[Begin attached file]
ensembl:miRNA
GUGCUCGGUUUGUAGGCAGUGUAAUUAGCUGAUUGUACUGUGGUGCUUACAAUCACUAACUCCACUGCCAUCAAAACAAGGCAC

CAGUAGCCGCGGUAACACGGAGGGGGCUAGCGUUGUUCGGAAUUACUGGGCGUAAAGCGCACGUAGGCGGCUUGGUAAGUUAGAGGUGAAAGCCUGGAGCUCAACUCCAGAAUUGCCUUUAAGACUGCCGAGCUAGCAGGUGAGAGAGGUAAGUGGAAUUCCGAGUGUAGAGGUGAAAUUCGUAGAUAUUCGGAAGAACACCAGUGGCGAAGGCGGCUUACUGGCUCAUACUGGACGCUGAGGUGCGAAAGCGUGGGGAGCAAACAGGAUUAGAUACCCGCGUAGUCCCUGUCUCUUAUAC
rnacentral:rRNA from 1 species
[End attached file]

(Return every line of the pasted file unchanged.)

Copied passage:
ensembl:miRNA
GUGCUCGGUUUGUAGGCAGUGUAAUUAGCUGAUUGUACUGUGGUGCUUACAAUCACUAACUCCACUGCCAUCAAAACAAGGCAC

CAGUAGCCGCGGUAACACGGAGGGGGCUAGCGUUGUUCGGAAUUACUGGGCGUAAAGCGCACGUAGGCGGCUUGGUAAGUUAGAGGUGAAAGCCUGGAGCUCAACUCCAGAAUUGCCUUUAAGACUGCCGAGCUAGCAGGUGAGAGAGGUAAGUGGAAUUCCGAGUGUAGAGGUGAAAUUCGUAGAUAUUCGGAAGAACACCAGUGGCGAAGGCGGCUUACUGGCUCAUACUGGACGCUGAGGUGCGAAAGCGUGGGGAGCAAACAGGAUUAGAUACCCGCGUAGUCCCUGUCUCUUAUAC
rnacentral:rRNA from 1 species